Melbourne real estate is rapidly rebounding from a COVID-driven downturn, with buyers and sellers returning to the market in droves.
We asked experts and agents across the city for their tips for families on where to buy post-pandemic in the $750,000-$2m range.
Preston: Now was the time to buy into Preston, with a lack of available family homes to meet buyer demand already driving up the $1.013m median, Ray White’s John Catanzariti said. Realestate.com.au chief economist Nerida Conisbee said the train station and thriving retail precinct at Northland Shopping Centre were major drawcards.
Northcote/Thornbury: A combination of “community spirit” and quality schooling had put Northcote ($1.406m house median) on the radar of local and even interstate buyers, according to Mr Catanzariti. And an array of cool pubs, shops and cafes also made neighbouring Thornbury ($1.186m) a hot spot in the eyes of respected real estate guru John McGrath.
Moonee Ponds: With gorgeous period homes, popular eateries on Puckle Street and Mount Alexander Road, and access to the Maribyrnong River, Moonee Ponds offered “terrific value” for families, Nelson Alexander Fitzroy director Arch Staver said: “Just $2m could deliver you your perfect dream home.” A typical house costs even less, at $1.255m.
Parkdale: Nick Johnstone director Nick Johnstone said Parkdale “may not be affordable much longer” as more families pursued the lesser-known waterfront suburb. “It’s become really trendy, as most places along on the train line have,” he said. The median house price has risen 6.1 per cent annually already, to $1.21m.
Cheltenham: Lifestyle perks galore were up for grabs in Cheltenham, including access to the new Southland train station, Westfield Southland and the beach, Mr Johnstone said. The suburb had also been buoyed by the creation of the Beaumaris Secondary College zone three years ago. A typical house there costs $1.04m.
Hampton/Sandringham: Hampton ($1.9m house median) has been flung into the national spotlight by its selection as The Block’s next location. This is expected to boost its popularity among househunters, with Mr Johnstone noting it and fellow beachside ‘burb Sandringham ($1.776m) were already on young families’ hit lists.
Templestowe/Park Orchards: The pandemic has driven a desire for more space, making Templestowe ($1.4m house median) and Park Orchards ($1.77m) ideal for families, Barry Plant’s Mark Di Giulio said. Realestate.com.au recently identified the latter as Melbourne’s fourth most in-demand suburb for houses.
Warrandyte: Also sitting among Melbourne’s most in-demand suburbs, based on buyer activity on realestate.com.au, Warrandyte ($1.1m house median) offered both “luxury” living in the form of “beautiful big homes, as well as really nice homes on smaller blocks”, according to Ms Conisbee.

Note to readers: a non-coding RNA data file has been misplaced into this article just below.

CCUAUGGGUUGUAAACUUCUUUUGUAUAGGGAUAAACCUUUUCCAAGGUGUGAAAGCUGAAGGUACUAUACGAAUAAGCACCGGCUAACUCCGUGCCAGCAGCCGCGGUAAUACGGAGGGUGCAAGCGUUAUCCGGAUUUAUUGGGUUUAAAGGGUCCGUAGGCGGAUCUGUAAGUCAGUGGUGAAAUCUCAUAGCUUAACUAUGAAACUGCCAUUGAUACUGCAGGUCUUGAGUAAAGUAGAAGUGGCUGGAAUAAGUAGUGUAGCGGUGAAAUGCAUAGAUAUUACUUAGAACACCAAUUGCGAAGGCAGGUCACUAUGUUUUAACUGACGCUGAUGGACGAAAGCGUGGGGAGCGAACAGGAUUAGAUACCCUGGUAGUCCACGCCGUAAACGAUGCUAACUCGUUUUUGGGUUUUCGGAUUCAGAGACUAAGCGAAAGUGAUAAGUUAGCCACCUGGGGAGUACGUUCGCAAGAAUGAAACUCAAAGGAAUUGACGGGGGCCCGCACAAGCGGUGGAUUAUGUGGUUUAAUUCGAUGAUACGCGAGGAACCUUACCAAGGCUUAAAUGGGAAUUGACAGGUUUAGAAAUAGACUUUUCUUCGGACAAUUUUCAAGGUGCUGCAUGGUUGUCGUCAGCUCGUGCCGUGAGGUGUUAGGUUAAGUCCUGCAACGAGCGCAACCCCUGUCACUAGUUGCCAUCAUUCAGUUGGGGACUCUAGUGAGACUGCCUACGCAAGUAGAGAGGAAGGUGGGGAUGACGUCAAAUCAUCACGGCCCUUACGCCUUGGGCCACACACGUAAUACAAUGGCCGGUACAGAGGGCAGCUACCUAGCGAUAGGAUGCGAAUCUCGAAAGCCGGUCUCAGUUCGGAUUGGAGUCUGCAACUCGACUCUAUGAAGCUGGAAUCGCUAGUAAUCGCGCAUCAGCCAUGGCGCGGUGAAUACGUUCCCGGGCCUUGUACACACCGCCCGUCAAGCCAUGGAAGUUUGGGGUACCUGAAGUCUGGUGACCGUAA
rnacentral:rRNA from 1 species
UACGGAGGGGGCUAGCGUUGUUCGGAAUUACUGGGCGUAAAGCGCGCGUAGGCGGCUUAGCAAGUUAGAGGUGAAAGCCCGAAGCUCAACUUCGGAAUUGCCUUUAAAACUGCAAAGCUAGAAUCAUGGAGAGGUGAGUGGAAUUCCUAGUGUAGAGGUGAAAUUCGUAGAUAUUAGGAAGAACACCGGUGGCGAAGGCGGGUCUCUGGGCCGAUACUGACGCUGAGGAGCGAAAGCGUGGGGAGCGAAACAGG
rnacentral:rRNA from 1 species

Eltham: This northeastern suburb ($986,000 median) had held up well throughout the pandemic to be on track to hit a $1m median within the next three months, Ms Conisbee said. “Homes have lots of room for families, but the area is getting more expensive,” she said.
Newport/Spotswood: Neighbouring “family-oriented” suburbs Newport ($1.055m house median) and Spotswood ($960,000) were often “second on (househunters’) shopping lists” to up-market postcodes like Williamstown and Yarraville — and they offered great buying as a result, Greg Hocking Footscray agent Tracey Dean said.
Altona/Altona North/Altona Meadows: Ms Dean said families were flocking to Altona ($920,000 house median), for its beach access, walking tracks and schools. House listings in Altona North ($820,000) are also attracting substantially more buyer activity on realestate.com.au than they were a year ago. But Altona Meadows remained a hidden gem with a much more affordable median ($630,000).
Seddon: Hocking Stuart Yarraville’s Leo Dardha said Seddon ($1.031m house median) was “already a firm favourite” among families, thanks to its wide streets and decent-sized blocks. And its appeal was “only going to broaden when the junior High School campus opens on Albert Street in 2021,” he said.
Kingsville: Kingsville ($976,000) was sometimes overlooked by people unfamiliar with the area, Mr Dardha said. But buyers who discovered it found it hard to resist the tree-lined streets stacked with “rows of pretty double-fronted Edwardian-era homes”, and the family-friendly vibe.
CHELTENHAM A CRACKER FOR FAMILIES
Cheltenham house prices have boomed since Greg and Danielle Clarke bought in seven years ago.
The southeastern suburb’s median has stacked on 35 per cent in the past five years alone to hit $1.04m, according to realestate.com.au.
But local agent Nick Johnstone, director of Nick Johnstone Real Estate, said the area still offered value for buyers, naming it one of his top post-pandemic picks for families.
The new Southland train station, three years inside Beaumaris Secondary College zone and the beach just a few suburbs away had attracted plenty of prospective purchasers — and would continue to do so, he said.
Mr Johnstone is about to list the Clarkes’ three-bedroom house with a pool at 49 Luxmoore Street in Cheltenham’s prized Pennydale pocket, with a $1.05-$1.15m price guide and a December 5 auction date.
The vendors said Pennydale — on the beach side of Nepean Highway — had notched big sales even throughout the coronavirus-driven downturn, giving them confidence to sell ahead of a move to Queensland to start a new business venture.
Mr Clarke said he had also watched “a lot of townhouses” and new homes spring up since they moved into the suburb, another sign of buyer demand.
“But around Pennydale, there’s still no high-density residential. It really is a very family-friendly area,” he said.
— with Christina Karras & Samantha Landy